JohnT, I didn't think amperes were additive when using 6V batteries to create a 12V battery bank.

Batteries in series add voltage, the total amp-hours stay the same as a single battery.

Batteries in parallel maintain the same voltage while the amp-hours add.

Two Trojan T-105 6 volt, 225 amp- hour batteries in series are about the same size and weight as a 12 volt 245 amp-hour 8D sized battery.  They just split the battery weight into two pieces for easier handling.

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5 hours ago, Lou Schneider said:

Batteries in series add voltage, the total amp-hours stay the same as a single battery.

Batteries in parallel maintain the same voltage while the amp-hours add.

This assumes that the batteries in the system are all the same type, size, and condition. If you mix batteries that are not the same the math gets more complex. 

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7 hours ago, Kirk W said:

This assumes that the batteries in the system are all the same type, size, and condition.

Of course if multiple batteries are connected together its best for charge and load balance if allllllllllll are same type and design and even brand and age, HOWEVER it remains true as I posted "Batteries in series add voltage"

While correcting a post believing two batteries in SERIES yielded double the Amp Hours, I responded "Batteries in PARALLEL maintain the same voltage, while the amp-hours add"  THAT RESPONSE CONCERNED A QUESTION REGARDING TWO I ASSUMED IDENTICAL  BATTERIES. IE voltage of the two in parallel stays the same but AH does double.  

Its true batteries in series add voltage and that's true REGARDLESS if they are the same voltage or not !! A 6 in series with a 12 yields 18 volts,,,,,,,,,a 6 in series with a 6 yields 12 volts

Fun chat yall, hope this helps

 

13 hours ago, Lou Schneider said:

Two Trojan T-105 6 volt, 225 amp- hour batteries in series are about the same size and weight as a 12 volt 245 amp-hour 8D sized battery.  They just split the battery weight into two pieces for easier handling.

Right on Lou, its mostly about lead and acid and plates (basically weight) and surface area etc and you can put more lead n acid n plates in a bigger case.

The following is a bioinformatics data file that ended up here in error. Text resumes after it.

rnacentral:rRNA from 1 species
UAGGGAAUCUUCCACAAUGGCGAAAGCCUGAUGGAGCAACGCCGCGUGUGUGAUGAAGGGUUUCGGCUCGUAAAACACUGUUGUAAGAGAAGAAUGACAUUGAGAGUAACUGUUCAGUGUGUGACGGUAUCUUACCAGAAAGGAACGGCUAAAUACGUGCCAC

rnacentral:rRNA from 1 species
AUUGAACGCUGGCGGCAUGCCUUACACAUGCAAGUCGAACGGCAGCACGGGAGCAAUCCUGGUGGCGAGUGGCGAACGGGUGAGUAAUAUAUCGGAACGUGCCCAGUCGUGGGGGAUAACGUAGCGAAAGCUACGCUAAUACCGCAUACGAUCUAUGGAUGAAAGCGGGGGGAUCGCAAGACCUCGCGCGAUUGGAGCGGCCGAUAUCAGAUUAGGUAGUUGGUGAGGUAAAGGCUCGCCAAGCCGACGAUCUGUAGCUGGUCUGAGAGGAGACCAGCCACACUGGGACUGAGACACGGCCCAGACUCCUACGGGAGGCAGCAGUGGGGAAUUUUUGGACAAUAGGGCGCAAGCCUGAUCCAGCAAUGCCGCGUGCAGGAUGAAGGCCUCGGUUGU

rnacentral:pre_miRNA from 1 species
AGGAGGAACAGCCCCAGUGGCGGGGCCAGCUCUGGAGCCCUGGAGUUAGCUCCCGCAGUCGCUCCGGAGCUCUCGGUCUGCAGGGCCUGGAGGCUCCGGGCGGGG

John T

Edited by oldjohnt

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17 hours ago, Ray,IN said:

JohnT, I didn't think amperes were additive when using 6V batteries to create a 12V battery bank

Neighbor Ray, that's correct, if you put two 6 volt batteries in series do get a 12 volt bank AMPS ARE NOT ADDITIVE  yayyyy lol

John T

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30 minutes ago, oldjohnt said:

 if you put two 6 volt batteries in series do get a 12 volt bank AMPS ARE NOT ADDITIVE

I do get this now, 6v (100 amp) + 6v (100 amp)=12v (100 amp) in series; 12v (100 amp) + 12v (100 amp) = 12v (200 amp) parallel, easy peasy.  This does make me wonder, since the amps are not added on 6vs, why do I keep hearing it is best to have 6volts if you have the room over a 12 volt?

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1 hour ago, NDBirdman said:

This does make me wonder, since the amps are not added on 6vs, why do I keep hearing it is best to have 6volts if you have the room over a 12 volt?

That's so because OFTEN (not always depends on batteries) a big heavy duty full deep cycle 6 volt such as a Trojan T-105 which has 225 Amp Hours still (with two in series for 12 volts) yields MORE amp hours then a cheaper dual purpose 12 Volt RV/Marine Battery like sold at Walmart which may be less then 100 Amp Hours at 12 volts.   But they do make a single 12 volt which has around 200 AH BUT THATS A HUGE FRAME LIKE 4D and 129 pounds.  They also make a smaller frame (like Group 31 or similar in size, 60 to 70 pounds) 12 Volt deep cycle but those are around 100 up to maybe around 135 Amp Hours.

I suspect people who made statements like you referred to knew 6 volt batteries like Trojans etc are true Deep Cycle while the twelves they were talking about  weren't IE they professed its better to use two sixes if they were comparing deep cycles to non deep cycles as that series sixes combination may ??? yield more energy storage.

For dry camping to maximize the amp hours of energy storage USE WHATEVER COMBINATION that you can fit into your available space. That may be two sixes in series orrrrrrrrrrrr it may be two twelves in parallel    HAVE TO COMPARE APPLES TO APPLES Im running three 12 Volt AGMs in parallel now for 520 Amp Hours but that's a lot of space n weight ya know. But remember I run a CPAP all night plus a 120 VAC compressor fridge 24/7  and like enough capacity so I don't draw down near 50% overnight.

Sure Lithium are much lighter and can be drawn down deeper if that's what you prefer 

 

John T

 

 

 

 

 

 

 

 

 

Edited by oldjohnt